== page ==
When Religion is a Brand : How persecution is triggered

I hate everyone who doesn’t Love God the way I say!

I was reading about the Irish Mass Paths, the secret paths that Irish catholics had to use to attend Mass.  These people had to worship in secret because if they were found in violation of the religion laws, they were killed.  Priests were hunted by bounty collecting “Priest Hunters” and brought dead or alive.

The last of these anti-Catholic laws was not repealed until 1920.

How does one man so hate another man’s religion that he will kill to suppress it?  Why is another man’s relationship with God so important that I want to force him to pretend to approach God a different way.

Christians, especially, should have been free of this kind of attitude.  We are told, repeatedly, in the New Testament, “Who art thou that judgest another man’s servant.  To his own master he standeth or falleth” (Romans 14:4)

It even violates common sense.  When I am judged by God at the end of time, He won’t ask me my opinion of anyone else, nor will God ask anyone else their opinion of me.

I believe that people hate other people’s religion not because of the religion, but because religion becomes people’s “brand.”  In order to adapt a certain religion, one is forced by peer-pressure to adopt everything else about that particular sect – from dress styles, to which car to drive, to politics.

Now, some people defend this by saying that your religion should inform the rest of your life.  Yes, it should.  A Christian who cheats in his business or on his wife is in violation of his faith.  But should religion really be able to tell you what clothes to wear, what car to drive, what you think about welfare reform, the death penalty, socialized medicine?

Please don’t tell me that you got all of these opinions from the Bible.  Do you have so little insight as to believe that you read the scriptures first and developed your opinion later?   If you have some scriptures that you quote about welfare reform, then let me ask you.  When did you first memorize those scriptures – before or after your registered your political affiliation?

I started out this post by talking about the persecution of the Irish Catholics.  Those who love English history understand that the persecution of the Catholics was NOT about religion.  It was about politics.  Beginning in the Tudor dynasty, whether you were Protestant or Catholic determined your politics.  The reason Mary Tudor was “Bloody Mary” – the reason that she burned so many protestants to death – was because to state the you were a protestant was to, literally, call her a bastard.  Simply to say, “I don’t believe in Papal primacy” was to say that her parents were not married and that she was illegitimate – that her mother was a whore.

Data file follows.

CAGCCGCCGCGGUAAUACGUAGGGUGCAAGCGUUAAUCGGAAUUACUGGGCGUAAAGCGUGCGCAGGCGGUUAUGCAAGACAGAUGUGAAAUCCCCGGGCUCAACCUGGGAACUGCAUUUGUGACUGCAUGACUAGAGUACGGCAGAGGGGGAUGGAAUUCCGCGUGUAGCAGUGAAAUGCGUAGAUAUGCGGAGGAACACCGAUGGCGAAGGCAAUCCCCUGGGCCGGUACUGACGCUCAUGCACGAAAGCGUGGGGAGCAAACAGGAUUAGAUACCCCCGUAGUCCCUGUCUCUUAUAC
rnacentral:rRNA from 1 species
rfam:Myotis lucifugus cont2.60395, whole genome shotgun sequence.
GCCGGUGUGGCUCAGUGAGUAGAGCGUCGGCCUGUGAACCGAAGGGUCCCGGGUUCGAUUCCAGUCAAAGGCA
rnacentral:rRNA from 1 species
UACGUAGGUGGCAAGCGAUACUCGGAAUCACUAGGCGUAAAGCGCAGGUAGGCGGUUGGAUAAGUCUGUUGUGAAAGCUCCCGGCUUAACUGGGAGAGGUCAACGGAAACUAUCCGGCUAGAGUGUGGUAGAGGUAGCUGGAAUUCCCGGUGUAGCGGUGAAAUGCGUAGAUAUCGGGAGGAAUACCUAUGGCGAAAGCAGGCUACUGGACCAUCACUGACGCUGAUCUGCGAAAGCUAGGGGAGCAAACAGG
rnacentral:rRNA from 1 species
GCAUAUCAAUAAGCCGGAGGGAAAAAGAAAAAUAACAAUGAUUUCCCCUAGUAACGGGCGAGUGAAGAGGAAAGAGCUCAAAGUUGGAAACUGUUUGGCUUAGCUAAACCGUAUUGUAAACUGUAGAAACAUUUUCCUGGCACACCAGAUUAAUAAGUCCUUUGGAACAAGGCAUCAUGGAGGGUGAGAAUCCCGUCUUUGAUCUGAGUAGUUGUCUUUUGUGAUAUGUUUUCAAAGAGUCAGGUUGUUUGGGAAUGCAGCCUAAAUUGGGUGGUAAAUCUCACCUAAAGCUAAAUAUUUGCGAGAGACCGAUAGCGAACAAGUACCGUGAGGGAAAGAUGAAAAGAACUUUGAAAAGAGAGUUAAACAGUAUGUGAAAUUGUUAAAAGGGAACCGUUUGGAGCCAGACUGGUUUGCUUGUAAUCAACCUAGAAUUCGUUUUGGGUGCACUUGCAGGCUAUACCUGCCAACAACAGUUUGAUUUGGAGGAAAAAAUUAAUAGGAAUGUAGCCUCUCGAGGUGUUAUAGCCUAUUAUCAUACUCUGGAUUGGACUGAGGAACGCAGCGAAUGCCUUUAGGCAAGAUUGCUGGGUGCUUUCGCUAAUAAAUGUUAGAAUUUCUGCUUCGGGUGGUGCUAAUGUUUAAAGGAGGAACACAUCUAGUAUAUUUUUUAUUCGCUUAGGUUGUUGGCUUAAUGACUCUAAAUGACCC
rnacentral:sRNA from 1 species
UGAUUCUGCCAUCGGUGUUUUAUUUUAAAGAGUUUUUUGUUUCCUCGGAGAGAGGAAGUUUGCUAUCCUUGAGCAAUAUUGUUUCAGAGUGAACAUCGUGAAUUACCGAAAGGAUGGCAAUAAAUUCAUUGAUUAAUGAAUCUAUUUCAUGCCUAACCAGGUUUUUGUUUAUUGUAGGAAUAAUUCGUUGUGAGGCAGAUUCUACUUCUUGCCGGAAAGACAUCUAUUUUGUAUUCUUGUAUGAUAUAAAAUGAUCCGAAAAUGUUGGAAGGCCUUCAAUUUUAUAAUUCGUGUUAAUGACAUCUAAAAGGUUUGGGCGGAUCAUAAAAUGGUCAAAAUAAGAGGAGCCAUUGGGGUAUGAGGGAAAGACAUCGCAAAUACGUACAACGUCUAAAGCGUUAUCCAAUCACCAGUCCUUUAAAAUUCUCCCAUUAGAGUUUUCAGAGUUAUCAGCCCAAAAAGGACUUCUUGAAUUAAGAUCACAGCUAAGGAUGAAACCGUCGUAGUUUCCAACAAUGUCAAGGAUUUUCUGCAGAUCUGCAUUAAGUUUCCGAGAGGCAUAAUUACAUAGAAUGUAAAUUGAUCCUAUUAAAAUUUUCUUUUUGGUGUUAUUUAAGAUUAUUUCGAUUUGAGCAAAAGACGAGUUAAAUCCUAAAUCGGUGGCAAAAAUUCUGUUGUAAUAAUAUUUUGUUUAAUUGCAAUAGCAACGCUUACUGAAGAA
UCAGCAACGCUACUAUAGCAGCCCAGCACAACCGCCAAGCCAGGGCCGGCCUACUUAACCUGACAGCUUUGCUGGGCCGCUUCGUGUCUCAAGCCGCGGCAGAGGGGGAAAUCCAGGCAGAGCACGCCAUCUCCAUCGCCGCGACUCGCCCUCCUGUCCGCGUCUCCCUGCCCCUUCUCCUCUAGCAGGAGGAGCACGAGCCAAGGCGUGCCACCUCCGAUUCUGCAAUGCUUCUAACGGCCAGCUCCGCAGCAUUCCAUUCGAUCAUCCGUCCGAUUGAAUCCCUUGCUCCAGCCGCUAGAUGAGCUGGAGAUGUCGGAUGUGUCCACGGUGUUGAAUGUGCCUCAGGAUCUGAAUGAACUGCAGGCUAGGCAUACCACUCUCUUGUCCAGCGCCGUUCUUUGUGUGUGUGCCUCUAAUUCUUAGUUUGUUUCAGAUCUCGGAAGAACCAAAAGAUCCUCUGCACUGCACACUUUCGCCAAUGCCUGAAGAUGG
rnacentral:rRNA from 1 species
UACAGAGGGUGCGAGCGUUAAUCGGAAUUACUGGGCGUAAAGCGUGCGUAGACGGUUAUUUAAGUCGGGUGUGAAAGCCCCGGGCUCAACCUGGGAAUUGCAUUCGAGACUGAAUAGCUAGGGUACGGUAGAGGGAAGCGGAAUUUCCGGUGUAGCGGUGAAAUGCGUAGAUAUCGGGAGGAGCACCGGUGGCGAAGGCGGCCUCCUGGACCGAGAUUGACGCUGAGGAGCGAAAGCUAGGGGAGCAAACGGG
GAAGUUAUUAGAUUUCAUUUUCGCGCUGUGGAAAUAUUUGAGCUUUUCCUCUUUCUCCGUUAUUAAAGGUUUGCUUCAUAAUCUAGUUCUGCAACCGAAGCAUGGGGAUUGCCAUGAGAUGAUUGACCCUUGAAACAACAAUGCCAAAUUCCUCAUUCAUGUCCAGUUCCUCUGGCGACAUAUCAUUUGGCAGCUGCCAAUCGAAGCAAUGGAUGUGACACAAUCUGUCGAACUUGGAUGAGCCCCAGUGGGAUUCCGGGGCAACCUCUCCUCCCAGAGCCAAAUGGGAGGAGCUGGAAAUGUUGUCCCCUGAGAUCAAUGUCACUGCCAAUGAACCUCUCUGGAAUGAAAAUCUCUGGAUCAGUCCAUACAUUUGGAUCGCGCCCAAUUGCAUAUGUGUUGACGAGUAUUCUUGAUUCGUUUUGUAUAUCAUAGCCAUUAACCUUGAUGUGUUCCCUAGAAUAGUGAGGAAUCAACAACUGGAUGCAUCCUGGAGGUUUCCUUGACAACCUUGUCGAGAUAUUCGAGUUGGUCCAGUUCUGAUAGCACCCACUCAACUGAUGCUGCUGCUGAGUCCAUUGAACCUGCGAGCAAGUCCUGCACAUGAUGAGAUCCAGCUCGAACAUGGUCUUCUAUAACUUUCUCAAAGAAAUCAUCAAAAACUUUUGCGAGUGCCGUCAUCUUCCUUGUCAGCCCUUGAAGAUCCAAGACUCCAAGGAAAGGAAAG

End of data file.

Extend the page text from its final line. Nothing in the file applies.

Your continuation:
No wonder Protestants made her so angry.

Similarly, to be an Irish Catholic in the days or Cromwell meant that you declared that the head of the British Commonwealth was a murderer.

So, for hundreds of years of British/English history, simply stating your religion was to personally insult someone.

Religion was a not a belief, it was a brand.  It determined everything about you: where you lived, what job you could hold, what language you could speak, what clothes you could wear, who you could marry, how your children would inherit your property.

I believe that turning religion into a brand, rather than a faith, is the root cause of most persecution.

Take, for instance, the Christmas season.  We evangelicals are now taught that we MUST say “Merry Christmas”  That we should boycott Starbucks because they didn’t have a Christmas tree on their cup.    Christmas has become a mark, one of the elements of the Brand of Evangelical Christianity.

But there is no command in the Bible to celebrate Christmas.  In fact, for most of American history, simply using the word “Christmas” would identify you as a closet Catholic and someone to be held in suspicion.

America today is increasingly divided into Brands – into (let’s face it) cults.  Some of us watch Fox news, wear wranglers, drive pickup trucks, own guns, eat at McDonald’s or Outback, listen to country, pop, or rock music, shop at Walmart, and (this is important) VOTE REPUBLICAN.   Another set of people wear skinny jeans, eat at places I don’t recognize, order food that I don’t recognize, listen to music that doesn’t make sense to me. shop at stores that I can’t afford, and rarely go to church, or if they go, they go with a sneer on their face.

So, by declaring yourself an evangelical Christian: a baptist or pentecostal, you have identified everything else about yourself.  People think that they know everything.  They believe that you listen to Sean Hannity, preach against alcohol, talk against porn, and like Donald Trump.

But, you see, I am an Evangelical Christian and I don’t do any of those things.

But because everyone is branded, is forced into either this cult or that, to merely declare yourself a Christian on a college campus is considered a “microaggression.”   Why, because Christianity in America today is not a faith, it is a brand.

If we want to look for the reasons of persecution – and yes, I do see that persecution of Christians is coming – then we ought to look at how we have divided up into camps that hate one another.  We are looking, more and more, like England on the verge of the Cromwell Civil War.

This is not going to end well.